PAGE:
Formerly homeless youth are growing new roots while also reducing stormwater run-off.
“This is all the diseased stuff,” Keith Wolftail said.
Wolftail, 22, is learning a lot about life from gardening. A resident of LaBaTeYeh Youth Home in Seattle’s Ballard neighborhood, Wolftail often helps around the garden.
He is learning to spot the dying parts and remove them so new life can grow.
“Otherwise they’ll end up completely dead,” he said.
The garden at LaBaTeYeh Youth Home grows food for the transitional housing facility. The home specializes in helping Native American youth, who are seven times more likely to face homelessness.
“There are many youth with a history of foster care and history of being homeless for a long time. They come from families who are homeless or in poverty or are struggling with multiple barriers,” said Director Jenna Gearhart.
It’s why the garden is more than vegetables. It’s a place of identity and independence, and an example of a growing movement toward green infrastructure in urban areas.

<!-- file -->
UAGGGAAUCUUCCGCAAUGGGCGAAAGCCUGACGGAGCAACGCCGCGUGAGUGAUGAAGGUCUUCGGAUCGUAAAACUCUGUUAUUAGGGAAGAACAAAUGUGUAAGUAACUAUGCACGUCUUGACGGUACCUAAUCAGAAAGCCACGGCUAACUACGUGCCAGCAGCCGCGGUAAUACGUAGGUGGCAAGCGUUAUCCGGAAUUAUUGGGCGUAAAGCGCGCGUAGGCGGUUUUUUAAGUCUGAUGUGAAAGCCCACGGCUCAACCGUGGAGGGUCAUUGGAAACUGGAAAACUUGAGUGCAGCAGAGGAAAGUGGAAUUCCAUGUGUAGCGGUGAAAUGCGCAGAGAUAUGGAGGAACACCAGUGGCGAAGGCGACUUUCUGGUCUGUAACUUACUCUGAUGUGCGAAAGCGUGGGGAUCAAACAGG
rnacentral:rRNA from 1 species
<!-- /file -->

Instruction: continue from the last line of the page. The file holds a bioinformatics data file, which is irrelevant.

“Having greenery around reduces stress, provides more positive self-esteem. I love that there is real tangible evidence to show that green infrastructure can do those things on a social level, on a psychological level, on an emotional level for people,” said Majora Carter, an urban revitalization specialist.
Carter’s work in the South Bronx and elsewhere has transformed concrete into community.
“All the things growing here, they’ll end up on someone’s plate tonight or tomorrow night,” Wolftail said.
The latest to sprout are several new rain cisterns. Thanks to a grant from five local rotary clubs totaling $14,000, the cisterns trap 6,000 gallons of water from the roof. They reduce stormwater run-off that would pollute local creeks.
“All of those things, when you add them up, that’s when they have the impact. The more, the merrier,” Carter said.
Wolftail says he’d be homeless if not for LaBaTeYeh, and he’s learning a lot, even from the vegetables that can’t talk.
“I’ve always set things back. I’ve always been like, I can do it tomorrow,” he said.
It’s the garden that’s taught him to plant seeds now. And then, watch them grow.
For more information on how to get involved in similar projects, visit stewardshippartners.org.
To learn more about available resources for rain gardens, cisterns and other green infrastructure tools, visit 12000raingardens.org and click on the resources tab.
Copyright 2017 KING